Friday, May 12, 2006

My dilemma

Do you ever feel guilty for avoiding what you should be doing? I feel this way a lot. Problem is, what SHOULD I be doing? When I am cleaning house, I feel like I should be playing with the kids. When I am playing with the kids, I feel like I should be cleaning house. (Let's just say that living in tornado alley gives me an excuse for how the toy room looks most of the time!) Another one: when I am on the computer, I feel guilty for not working on my scrapbooks. When I work on my scrapbooks, I feel like I should be doing something more productive. (I'm definitely producing scrapbooks, but is it "necessary"?)

Is there an answer to my question? Maybe I need one of those instruction manuals for myself! "Today, you should clean the kitchen from 9-10 and then read stories with Courtney until Jonathan wakes up. After making macaroni and cheese for lunch, your next step is..." But, being the unorganized person I am, with great aspirations for super organization, this program would never work. I would never be able to follow a schedule like that. I am a fly-by-the-seat-of-my-pants kind of person. [I'm having a hard time verbalizing this idea. I started this blog entry a week or so ago. Trying to make my thoughts a little more clear than mud...]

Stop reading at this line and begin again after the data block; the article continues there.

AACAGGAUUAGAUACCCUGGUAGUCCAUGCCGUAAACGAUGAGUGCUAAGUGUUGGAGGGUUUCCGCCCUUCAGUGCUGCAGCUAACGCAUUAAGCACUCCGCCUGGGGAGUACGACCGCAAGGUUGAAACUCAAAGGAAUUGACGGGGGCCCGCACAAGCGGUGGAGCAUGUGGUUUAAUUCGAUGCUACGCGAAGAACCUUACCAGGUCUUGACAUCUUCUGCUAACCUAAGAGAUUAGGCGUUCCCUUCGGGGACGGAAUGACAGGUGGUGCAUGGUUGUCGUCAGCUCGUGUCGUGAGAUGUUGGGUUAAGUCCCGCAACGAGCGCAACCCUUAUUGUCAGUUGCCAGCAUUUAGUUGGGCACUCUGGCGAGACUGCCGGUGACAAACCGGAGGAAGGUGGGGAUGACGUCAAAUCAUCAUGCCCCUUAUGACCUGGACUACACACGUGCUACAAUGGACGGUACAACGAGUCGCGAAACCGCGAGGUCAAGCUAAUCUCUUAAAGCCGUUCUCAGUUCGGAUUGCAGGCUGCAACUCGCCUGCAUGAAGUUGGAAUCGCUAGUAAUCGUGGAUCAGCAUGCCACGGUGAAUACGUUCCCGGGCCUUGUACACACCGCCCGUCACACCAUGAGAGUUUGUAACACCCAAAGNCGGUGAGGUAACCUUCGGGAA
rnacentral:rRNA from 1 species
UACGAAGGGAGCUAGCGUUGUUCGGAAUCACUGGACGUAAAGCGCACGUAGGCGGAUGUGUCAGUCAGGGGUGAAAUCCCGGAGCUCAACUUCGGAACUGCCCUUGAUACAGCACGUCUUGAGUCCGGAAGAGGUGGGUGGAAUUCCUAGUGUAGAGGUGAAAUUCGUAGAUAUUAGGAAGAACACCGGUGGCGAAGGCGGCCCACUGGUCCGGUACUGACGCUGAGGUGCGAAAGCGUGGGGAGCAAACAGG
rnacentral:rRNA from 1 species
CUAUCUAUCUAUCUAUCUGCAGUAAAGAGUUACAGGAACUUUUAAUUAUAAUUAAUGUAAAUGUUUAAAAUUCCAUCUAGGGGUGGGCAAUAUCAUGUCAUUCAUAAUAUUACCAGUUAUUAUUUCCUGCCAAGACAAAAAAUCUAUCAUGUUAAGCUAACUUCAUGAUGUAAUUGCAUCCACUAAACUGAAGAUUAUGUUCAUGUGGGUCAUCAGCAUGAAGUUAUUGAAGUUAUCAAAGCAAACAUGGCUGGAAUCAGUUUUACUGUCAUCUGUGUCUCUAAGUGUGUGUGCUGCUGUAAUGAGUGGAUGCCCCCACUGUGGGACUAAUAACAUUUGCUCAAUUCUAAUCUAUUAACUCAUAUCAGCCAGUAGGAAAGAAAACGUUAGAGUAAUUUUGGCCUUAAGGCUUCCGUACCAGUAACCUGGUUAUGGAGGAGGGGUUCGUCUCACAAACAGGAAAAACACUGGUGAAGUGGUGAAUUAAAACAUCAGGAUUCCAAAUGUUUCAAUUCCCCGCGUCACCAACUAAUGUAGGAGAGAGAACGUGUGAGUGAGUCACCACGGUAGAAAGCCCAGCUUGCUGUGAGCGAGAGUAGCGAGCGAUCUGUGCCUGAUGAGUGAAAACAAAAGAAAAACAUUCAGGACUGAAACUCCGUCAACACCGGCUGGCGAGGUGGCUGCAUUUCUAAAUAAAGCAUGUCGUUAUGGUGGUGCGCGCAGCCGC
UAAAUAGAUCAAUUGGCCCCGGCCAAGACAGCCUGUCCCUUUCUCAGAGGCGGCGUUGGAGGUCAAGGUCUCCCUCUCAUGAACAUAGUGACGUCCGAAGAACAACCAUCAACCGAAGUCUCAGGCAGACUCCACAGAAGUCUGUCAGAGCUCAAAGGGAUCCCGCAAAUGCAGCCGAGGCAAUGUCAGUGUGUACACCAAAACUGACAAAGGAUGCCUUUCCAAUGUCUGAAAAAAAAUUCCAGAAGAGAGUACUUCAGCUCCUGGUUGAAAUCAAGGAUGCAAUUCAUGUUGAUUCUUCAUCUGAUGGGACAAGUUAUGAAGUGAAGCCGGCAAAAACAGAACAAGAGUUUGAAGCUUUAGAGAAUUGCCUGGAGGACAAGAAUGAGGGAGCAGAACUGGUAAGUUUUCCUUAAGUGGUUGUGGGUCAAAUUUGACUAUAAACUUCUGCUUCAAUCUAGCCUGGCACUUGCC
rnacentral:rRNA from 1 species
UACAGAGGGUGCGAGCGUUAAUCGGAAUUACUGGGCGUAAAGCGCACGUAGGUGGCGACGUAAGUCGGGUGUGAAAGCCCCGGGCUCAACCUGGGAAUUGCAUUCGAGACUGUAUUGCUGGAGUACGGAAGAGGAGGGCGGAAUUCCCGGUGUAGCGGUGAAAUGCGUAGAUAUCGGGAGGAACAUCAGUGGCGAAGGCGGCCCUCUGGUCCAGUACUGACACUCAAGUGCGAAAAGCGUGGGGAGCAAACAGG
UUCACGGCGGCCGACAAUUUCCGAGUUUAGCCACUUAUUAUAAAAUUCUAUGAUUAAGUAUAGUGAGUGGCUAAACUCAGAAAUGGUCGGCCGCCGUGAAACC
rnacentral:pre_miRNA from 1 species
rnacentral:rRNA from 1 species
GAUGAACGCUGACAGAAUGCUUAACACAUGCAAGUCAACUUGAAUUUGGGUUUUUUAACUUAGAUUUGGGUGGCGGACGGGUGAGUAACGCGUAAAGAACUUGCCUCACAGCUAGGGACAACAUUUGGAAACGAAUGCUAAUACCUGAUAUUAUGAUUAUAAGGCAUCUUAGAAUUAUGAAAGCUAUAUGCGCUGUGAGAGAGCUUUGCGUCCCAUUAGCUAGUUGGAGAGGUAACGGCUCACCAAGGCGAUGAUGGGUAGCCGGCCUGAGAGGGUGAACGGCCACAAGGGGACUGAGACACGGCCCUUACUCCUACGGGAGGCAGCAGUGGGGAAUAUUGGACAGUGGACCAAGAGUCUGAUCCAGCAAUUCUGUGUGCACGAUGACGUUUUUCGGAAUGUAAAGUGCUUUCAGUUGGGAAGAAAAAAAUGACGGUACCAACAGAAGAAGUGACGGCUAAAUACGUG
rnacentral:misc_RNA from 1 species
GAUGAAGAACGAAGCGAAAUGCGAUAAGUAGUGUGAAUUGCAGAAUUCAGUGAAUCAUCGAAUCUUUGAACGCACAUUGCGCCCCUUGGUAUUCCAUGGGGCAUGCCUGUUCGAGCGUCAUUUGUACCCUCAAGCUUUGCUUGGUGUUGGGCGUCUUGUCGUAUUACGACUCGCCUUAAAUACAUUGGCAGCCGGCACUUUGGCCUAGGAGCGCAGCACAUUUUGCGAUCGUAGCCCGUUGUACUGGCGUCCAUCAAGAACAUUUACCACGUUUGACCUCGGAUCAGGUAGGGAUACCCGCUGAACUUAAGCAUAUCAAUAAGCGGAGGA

I think that the answer to my question is perhaps that I need to learn to schedule: "organize my time and my life" (that's the title of a book I own...maybe now it's time to read it). I learned from someone to block sections of time for work, family, play, personal time, etc. If I know that I am going to include all the activities in my life (cleaning, kid time, scrapbooking, etc.) then maybe I won't feel guilty for participating in any of these activities.

Kyle is reading over my shoulder. He said that I should learn from my son Jonathan, who is turning one this month. He only has a few choices: eat, sleep or suck his fingers. And he doesn't sit and deliberate over which one to do next; he makes a decision and sticks with it. He doesn't feel bad for the choice he makes. But, he is also pretty good about balancing out his activities throughout his day. The moral of the story, I guess, is to "become as a child."

1 comment:

angie said...

Let me know if u figure it out- i could really use an answer to just that question! :)